The Cost of Not Implementing Diversity

Questions to ask in the Board Room

  1. How do women provide a different perspectives versus men on a board?
  2. What is an “echo chamber of thought” in a board?
  3. How can the social responsibility of a business be addressed by the board with a DEI (Diversity, Equity, Inclusion) initiative?

Family-Owned and Privately-Owned Businesses and the Importance of DEI

Meghan Juday, who is CEO of her family-owned business, IDEAL Industries, joined Alan Aldworth on a PDA Shine Podcast to discuss “IDEAL relationships, board structure and board process, and to share her experience of family ownership, boardroom challenges and the value of an all-women network.” She also discussed the value they see in their DEI focus.  She indicated that the shift in products and expansion of their business was due to the diversity of ideas and expertise that they had on their newly formed board. This diversity of thought helped them go through the recent pandemic with remarkable success and continue to build and expand their organization. She saw the value of having more women involved, as well as different races and age diversity, since this eliminated what she called an “echo chamber of thought.” Meghan made the point that, “If one grows up in a family, works in a family-owned business, and DEI is not supported, then you end up with an organization and work environment that has no unique thoughts or ideas and is limited in finding solutions that are beyond the current family echo chamber.” This is a 100-year-old company, and they are more excited than ever about the products, the board, and organizational culture.

Family-owned and privately-owned businesses have a social responsibility to their communities. It has become important for the executives of organizations and the members of their boards to expand their concept of social responsibility and provide a balance for social, moral, and economic concerns in a single effort. DEI programs that include employees and board members can provide balance. My own experience on boards and working in organizations has taught me that learning to manage diversity heightens the abilities of all members of the organization. They go beyond their original knowledge and experiences and expand who they are personally and professionally.  

The Cost of Not Implementing a DEI Initiative

The cost of implementing a DEI Initiative and programs is insignificant compared to the cost in the last two decades of not providing DEI programs. Citigroup continues to do studies every year on the cost of resisting DEI in the workplace, and the cost continues to rise when boards, owners, executives, and employees ignore the impact of people being excluded rather than included. Their 2020 study ( showed that in two decades the loss for American businesses was $16 trillion dollars. The healthcare costs alone remain high due to the stress level that many people experience physically, emotionally, mentally, and spiritually. This impacts their performance and lessens their ability to reach their potential. The study further indicates that when people can bring their whole authentic selves to the workplace then the profits skyrocket. This benefits all involved in the board, the organization, and the customer base of the organization.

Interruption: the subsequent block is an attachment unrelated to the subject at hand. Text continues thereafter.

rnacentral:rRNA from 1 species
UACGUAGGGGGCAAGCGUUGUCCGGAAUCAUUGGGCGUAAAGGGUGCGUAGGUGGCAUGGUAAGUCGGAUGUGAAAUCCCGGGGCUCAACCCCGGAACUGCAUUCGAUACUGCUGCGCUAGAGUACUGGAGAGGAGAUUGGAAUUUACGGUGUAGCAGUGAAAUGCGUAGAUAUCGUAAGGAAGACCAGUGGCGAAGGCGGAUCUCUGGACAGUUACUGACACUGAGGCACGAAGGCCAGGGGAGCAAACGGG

In-depth Study of a Board by Dr. Rainosek

I was asked by a board to do an in-depth study of an organization. I used a detailed organizational assessment and cultural audit, interviewed all the executives, and used a survey to determine the staff’s view of the organization. I presented the summary of my 50-page paper to the board members and executives. The report identified where the strengths and deficiencies were in the organization and in their knowledge and experience and made clear the need for the implementation of a DEI Initiative.

The study showed the reasons for the lack of retention of valuable employees due to their experiences in the work environment. Many of the stories shared during the interviews and the survey had not been brought to the attention of HR or any other members of the organization. The CEO of the company and I had many discussions about the report since it showed how all employees were impacted by exclusionary actions and other forms of discrimination that were feeding the low morale in the organization and contributing to a decrease in productivity. We realize that formal and informal norms of the organization that had not been documented fed the exclusion and hurt all individuals:  Whites, African Americans, Black people, Asians, Latinx, Native Americans, LGBTQ, women, men, and the physically challenged.